Monday, November 13, 2006

No prayers for November to linger longer

Actually, I'm rather enjoying the rain. But, gah! has it rained a lot the past few days, that chill-bone, tree-stripping rain particular to November. Today was just so chilly and wet, which made the poem we read for Keats class seem as if it were written for an entirely different season (and to be fair, it was written in September, which is a season unto itself):

Ode to Autumn, by John Keats

Season of mists and mellow fruitfulness!
Close bosom-friend of the maturing sun;
Conspiring with him how to load and bless
With fruit the vines that round the thatch-eaves run;
To bend with apples the mossed cottage-trees,
And fill all fruit with ripeness to the core;
To swell the gourd, and plump the hazel shells
With a sweet kernel; to set budding more,
And still more, later flowers for the bees,
Until they think warm days will never cease,
For Summer has o'erbrimmed their clammy cells.

Who hath not seen thee oft amid thy store?
Sometimes whoever seeks abroad may find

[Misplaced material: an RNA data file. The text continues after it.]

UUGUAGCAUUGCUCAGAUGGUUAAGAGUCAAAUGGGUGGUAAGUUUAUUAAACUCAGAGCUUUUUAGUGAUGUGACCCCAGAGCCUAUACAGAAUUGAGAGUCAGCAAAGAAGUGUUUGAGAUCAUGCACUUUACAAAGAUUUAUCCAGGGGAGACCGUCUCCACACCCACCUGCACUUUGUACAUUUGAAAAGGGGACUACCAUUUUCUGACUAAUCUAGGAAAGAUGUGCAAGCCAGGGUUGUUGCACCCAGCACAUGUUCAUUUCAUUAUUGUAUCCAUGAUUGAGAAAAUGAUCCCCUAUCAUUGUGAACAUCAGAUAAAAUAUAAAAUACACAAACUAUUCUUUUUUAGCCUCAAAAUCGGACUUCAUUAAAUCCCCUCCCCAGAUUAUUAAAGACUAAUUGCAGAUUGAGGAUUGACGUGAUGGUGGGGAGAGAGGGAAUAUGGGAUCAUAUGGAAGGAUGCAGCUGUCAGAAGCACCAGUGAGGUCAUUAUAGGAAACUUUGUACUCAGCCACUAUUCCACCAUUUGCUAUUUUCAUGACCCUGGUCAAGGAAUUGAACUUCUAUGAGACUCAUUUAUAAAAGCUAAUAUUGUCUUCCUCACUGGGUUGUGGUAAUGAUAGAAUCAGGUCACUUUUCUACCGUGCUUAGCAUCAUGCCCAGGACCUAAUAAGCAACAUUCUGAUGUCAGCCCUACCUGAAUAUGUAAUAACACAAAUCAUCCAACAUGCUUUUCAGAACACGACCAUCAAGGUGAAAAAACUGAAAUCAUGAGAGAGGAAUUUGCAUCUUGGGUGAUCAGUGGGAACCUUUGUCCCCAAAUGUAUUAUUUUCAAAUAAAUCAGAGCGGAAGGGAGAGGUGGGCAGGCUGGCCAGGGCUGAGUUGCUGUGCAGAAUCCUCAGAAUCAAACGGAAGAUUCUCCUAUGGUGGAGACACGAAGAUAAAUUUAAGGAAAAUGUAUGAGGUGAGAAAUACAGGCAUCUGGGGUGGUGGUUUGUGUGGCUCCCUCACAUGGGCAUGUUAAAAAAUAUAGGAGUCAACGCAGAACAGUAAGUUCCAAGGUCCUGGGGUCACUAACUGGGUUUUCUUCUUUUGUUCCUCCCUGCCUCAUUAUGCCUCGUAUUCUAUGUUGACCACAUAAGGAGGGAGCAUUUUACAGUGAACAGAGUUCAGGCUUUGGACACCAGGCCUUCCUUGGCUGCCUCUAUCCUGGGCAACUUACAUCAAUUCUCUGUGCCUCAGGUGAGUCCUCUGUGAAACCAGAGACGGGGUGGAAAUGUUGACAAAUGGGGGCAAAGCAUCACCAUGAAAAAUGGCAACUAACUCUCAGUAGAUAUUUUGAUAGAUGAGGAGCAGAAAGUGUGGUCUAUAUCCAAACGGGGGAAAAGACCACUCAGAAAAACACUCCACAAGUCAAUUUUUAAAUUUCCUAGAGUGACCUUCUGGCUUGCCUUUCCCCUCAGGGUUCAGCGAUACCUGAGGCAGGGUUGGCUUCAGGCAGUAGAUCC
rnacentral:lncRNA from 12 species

Thee sitting careless on a granary floor,
Thy hair soft-lifted by the winnowing wind;
Or on a half-reaped furrow sound asleep,
Drowsed with the fume of poppies, while thy hook
Spares the next swath and all its twined flowers;
And sometimes like a gleaner thou dost keep
Steady thy laden head across a brook;
Or by a cider-press, with patient look,
Thou watchest the last oozings, hours by hours.

Where are the songs of Spring? Ay, where are they?
Think not of them, thou hast thy music too, -
While barred clouds bloom the soft-dying day
And touch the stubble-plains with rosy hue;
Then in a wailful choir the small gnats mourn
Among the river sallows, borne aloft
Or sinking as the light wind lives or dies;
And full-grown lambs loud bleat from hilly bourn;
Hedge-crickets sing, and now with treble soft
The redbreast whistles from a garden-croft;
And gathering swallows twitter in the skies.

And speaking of Keats and other heroes who died too young, Achilles by Elizabeth Cook is proving to be brilliant. Definitely reccomended for the literature dork in your life.


momeester said...

I picked up our copy and will start it tonight!

Thanks for the hint and also for including whole poems in your blog.

Anonymous said...

Hey, I'm the literature dork in my life.

Nice Keats.